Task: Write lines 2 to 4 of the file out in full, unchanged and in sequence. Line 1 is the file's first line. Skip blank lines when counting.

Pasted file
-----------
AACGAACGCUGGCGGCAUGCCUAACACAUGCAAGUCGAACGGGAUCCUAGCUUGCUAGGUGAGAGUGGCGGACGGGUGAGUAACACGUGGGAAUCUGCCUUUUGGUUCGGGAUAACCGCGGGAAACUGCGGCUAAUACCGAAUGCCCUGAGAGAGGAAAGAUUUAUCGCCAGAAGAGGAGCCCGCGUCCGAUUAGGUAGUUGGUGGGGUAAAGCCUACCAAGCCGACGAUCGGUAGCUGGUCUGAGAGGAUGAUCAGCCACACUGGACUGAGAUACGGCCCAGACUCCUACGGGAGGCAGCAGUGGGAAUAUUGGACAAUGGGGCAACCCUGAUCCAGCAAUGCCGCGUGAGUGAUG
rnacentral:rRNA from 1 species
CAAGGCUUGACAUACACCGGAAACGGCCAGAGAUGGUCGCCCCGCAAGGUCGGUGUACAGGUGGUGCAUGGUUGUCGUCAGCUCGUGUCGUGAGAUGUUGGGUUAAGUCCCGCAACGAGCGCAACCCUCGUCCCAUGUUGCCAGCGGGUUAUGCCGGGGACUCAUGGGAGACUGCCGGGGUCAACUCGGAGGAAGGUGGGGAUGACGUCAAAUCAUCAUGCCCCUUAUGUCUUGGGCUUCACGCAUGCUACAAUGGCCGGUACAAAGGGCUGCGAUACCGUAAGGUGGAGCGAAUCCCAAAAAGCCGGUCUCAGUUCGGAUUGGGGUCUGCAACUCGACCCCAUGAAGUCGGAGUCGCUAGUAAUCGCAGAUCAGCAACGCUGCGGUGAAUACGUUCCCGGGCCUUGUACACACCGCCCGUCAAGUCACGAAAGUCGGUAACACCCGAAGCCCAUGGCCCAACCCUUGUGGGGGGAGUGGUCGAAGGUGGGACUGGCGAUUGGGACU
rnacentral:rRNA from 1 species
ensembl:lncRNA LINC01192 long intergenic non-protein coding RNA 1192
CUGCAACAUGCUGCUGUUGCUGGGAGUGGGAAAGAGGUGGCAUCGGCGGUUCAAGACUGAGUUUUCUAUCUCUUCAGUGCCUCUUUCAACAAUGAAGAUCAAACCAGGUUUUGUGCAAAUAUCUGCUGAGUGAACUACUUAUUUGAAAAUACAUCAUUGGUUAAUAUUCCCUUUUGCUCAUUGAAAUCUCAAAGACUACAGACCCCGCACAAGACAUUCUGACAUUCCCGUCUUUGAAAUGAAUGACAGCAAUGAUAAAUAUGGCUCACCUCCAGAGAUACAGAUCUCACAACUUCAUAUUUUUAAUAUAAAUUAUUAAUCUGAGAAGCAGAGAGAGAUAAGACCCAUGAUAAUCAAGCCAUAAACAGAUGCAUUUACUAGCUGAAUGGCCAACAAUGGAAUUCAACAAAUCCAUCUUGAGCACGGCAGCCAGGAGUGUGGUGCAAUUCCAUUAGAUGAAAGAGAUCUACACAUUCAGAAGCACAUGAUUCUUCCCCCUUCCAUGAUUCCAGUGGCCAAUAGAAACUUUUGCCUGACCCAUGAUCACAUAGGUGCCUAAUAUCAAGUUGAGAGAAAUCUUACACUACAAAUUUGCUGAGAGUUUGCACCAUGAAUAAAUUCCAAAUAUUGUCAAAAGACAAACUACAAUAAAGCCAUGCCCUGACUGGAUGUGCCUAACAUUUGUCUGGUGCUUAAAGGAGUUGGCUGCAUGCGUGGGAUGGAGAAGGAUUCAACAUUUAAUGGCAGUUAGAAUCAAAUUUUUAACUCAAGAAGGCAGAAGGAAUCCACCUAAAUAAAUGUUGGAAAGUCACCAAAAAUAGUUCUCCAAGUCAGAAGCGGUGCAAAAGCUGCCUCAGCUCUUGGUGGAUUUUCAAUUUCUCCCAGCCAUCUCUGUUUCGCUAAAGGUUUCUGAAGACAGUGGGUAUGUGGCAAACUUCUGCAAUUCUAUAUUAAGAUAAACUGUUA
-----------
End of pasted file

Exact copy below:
rnacentral:rRNA from 1 species
CAAGGCUUGACAUACACCGGAAACGGCCAGAGAUGGUCGCCCCGCAAGGUCGGUGUACAGGUGGUGCAUGGUUGUCGUCAGCUCGUGUCGUGAGAUGUUGGGUUAAGUCCCGCAACGAGCGCAACCCUCGUCCCAUGUUGCCAGCGGGUUAUGCCGGGGACUCAUGGGAGACUGCCGGGGUCAACUCGGAGGAAGGUGGGGAUGACGUCAAAUCAUCAUGCCCCUUAUGUCUUGGGCUUCACGCAUGCUACAAUGGCCGGUACAAAGGGCUGCGAUACCGUAAGGUGGAGCGAAUCCCAAAAAGCCGGUCUCAGUUCGGAUUGGGGUCUGCAACUCGACCCCAUGAAGUCGGAGUCGCUAGUAAUCGCAGAUCAGCAACGCUGCGGUGAAUACGUUCCCGGGCCUUGUACACACCGCCCGUCAAGUCACGAAAGUCGGUAACACCCGAAGCCCAUGGCCCAACCCUUGUGGGGGGAGUGGUCGAAGGUGGGACUGGCGAUUGGGACU
rnacentral:rRNA from 1 species